The Accreditation Committee held a series of information sessions across Australia during February 2020 as part of a public consultation on the Paramedicine Accreditation Standards.
The information sessions provided details about the role of the Accreditation Committee and the draft proposed Accreditation Standards including the process for the development of the standards, key proposed changes and the structure of the standards.
The webinar below was recorded at the Melbourne information session on 5 February 2020 for those who were unable to attend.
The five domains reflect the structure initiated by the Australian Dental Council and adopted by nine other professions. The Accreditation Committee has structured the Accreditation Standards within these five domains to enhance consistency across the National Scheme and reduce the regulatory burden for education providers.
The draft proposed Accreditation Standards recognise that graduates of paramedicine programs of study need a working knowledge of factors that contribute to and influence the health and wellbeing of Aboriginal and Torres Strait Islander Peoples. These factors include history, spirituality, relationship to land and other social determinants of health in Aboriginal and Torres Strait Islanders.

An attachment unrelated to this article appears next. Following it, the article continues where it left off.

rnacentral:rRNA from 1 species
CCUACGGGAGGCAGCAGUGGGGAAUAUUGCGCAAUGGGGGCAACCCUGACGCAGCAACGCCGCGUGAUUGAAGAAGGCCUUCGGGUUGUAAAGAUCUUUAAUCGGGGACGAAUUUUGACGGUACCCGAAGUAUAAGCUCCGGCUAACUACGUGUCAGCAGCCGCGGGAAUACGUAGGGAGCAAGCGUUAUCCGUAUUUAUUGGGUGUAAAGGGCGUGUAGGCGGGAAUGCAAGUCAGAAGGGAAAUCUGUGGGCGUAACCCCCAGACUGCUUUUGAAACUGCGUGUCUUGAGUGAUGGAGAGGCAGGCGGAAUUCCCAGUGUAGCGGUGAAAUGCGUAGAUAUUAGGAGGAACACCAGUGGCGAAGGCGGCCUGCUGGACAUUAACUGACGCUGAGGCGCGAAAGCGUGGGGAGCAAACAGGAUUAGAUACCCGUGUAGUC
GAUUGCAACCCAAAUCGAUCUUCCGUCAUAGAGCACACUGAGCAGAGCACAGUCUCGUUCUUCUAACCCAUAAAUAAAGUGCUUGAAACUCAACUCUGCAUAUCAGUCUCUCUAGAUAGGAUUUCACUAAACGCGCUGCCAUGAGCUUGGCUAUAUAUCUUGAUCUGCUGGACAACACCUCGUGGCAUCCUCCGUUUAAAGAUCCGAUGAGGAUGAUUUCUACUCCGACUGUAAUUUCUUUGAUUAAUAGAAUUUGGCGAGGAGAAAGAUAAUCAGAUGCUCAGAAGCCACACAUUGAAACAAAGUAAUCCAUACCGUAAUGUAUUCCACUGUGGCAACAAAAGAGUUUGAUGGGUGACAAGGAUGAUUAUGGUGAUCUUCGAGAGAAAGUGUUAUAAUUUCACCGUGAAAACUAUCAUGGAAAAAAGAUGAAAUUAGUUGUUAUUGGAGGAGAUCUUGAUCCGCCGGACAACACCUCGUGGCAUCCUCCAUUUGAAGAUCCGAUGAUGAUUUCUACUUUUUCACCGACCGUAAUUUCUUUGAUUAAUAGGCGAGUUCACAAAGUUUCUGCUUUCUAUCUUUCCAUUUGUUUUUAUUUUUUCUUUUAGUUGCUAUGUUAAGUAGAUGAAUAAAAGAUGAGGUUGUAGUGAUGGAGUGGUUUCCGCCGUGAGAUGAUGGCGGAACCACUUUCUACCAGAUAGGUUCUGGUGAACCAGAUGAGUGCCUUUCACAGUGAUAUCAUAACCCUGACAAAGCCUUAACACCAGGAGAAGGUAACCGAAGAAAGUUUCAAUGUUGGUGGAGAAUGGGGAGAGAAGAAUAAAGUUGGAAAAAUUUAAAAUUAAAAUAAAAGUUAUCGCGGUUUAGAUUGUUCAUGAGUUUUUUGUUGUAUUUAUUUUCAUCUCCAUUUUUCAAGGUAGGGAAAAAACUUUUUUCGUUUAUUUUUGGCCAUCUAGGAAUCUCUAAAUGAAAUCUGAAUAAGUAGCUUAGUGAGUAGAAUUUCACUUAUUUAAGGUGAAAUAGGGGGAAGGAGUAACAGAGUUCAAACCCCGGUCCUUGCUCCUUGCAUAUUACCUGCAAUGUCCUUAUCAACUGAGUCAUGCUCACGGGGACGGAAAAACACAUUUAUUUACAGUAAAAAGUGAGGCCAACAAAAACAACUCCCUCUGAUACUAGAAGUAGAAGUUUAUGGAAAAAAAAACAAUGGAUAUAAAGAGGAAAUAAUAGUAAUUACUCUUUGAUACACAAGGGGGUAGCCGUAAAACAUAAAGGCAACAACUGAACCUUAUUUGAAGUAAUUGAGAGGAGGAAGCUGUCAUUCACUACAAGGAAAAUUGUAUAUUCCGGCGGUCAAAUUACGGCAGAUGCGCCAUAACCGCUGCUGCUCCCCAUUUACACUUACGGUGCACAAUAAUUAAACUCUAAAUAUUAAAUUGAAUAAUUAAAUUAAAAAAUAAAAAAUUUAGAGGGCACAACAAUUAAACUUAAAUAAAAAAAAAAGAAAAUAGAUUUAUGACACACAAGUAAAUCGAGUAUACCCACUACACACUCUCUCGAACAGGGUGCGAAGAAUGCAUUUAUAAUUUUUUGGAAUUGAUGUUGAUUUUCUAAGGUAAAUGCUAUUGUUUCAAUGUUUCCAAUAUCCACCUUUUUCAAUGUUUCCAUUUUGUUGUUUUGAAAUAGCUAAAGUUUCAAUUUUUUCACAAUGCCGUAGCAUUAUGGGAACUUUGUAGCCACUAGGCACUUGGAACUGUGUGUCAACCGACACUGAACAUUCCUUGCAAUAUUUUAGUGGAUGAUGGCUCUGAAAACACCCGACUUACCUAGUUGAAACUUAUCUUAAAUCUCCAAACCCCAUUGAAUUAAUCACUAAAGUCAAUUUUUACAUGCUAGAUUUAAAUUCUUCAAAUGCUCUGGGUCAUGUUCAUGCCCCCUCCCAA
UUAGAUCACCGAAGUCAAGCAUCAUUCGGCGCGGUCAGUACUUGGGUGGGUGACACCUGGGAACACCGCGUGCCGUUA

The draft proposed Accreditation Standards recognise that cultural safety is determined by Aboriginal and Torres Strait Islander individuals, families and communities and that, in order to ensure culturally safe and respectful practice, health practitioners must:
In addition, the draft proposed Accreditation Standards state:
The Accreditation Committee expects that students are given extensive and diverse work-integrated learning experiences in a range of settings with a range of patients/clients and clinical presentations.
The Accreditation Committee considers that direct patient/client encounters throughout the program will help ensure students achieve the professional capabilities needed by paramedics. Education providers are expected to explain how the entire range of work-integrated learning experiences will ensure graduates achieve the professional capabilities.
The Accreditation Committee expects the education provider to engage with practitioners acting as work integrated learning supervisors. The examples of engagement supplied by the education provider should show work-integrated learning supervisors have an opportunity to give feedback to the education provider on students’ work-integrated learning experiences.
Examples of how student learning outcomes will be measured are included throughout the draft proposed Accreditation Standards. In the Assessment domain for example, draft proposed Accreditation Standards. In the assessment domain, draft proposed Accreditation Standard 5.2 states: